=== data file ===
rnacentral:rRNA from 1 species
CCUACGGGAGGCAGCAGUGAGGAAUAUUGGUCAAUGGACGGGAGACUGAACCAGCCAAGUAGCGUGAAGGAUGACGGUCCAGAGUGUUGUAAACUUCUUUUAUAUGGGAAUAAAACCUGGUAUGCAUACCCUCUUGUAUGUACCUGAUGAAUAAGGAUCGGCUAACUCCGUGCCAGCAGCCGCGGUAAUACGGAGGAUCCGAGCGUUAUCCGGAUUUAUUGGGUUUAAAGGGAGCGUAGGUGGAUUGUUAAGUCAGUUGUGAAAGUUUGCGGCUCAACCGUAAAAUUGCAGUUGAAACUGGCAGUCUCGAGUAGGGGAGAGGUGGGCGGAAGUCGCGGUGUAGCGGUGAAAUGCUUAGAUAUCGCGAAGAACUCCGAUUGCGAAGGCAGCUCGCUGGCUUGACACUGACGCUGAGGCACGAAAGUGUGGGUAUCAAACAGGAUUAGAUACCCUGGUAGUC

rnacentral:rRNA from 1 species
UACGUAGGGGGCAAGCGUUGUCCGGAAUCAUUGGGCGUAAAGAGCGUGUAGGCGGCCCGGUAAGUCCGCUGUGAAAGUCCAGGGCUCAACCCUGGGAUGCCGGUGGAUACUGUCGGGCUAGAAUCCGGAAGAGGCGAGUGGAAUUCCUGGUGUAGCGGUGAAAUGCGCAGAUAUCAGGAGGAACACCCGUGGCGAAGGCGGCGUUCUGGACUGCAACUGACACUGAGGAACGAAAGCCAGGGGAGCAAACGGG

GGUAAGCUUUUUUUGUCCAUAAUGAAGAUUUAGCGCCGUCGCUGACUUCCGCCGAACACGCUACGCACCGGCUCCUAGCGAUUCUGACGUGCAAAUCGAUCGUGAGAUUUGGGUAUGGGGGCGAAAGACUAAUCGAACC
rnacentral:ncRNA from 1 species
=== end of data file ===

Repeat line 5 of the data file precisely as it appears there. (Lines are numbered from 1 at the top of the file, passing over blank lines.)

GGUAAGCUUUUUUUGUCCAUAAUGAAGAUUUAGCGCCGUCGCUGACUUCCGCCGAACACGCUACGCACCGGCUCCUAGCGAUUCUGACGUGCAAAUCGAUCGUGAGAUUUGGGUAUGGGGGCGAAAGACUAAUCGAACC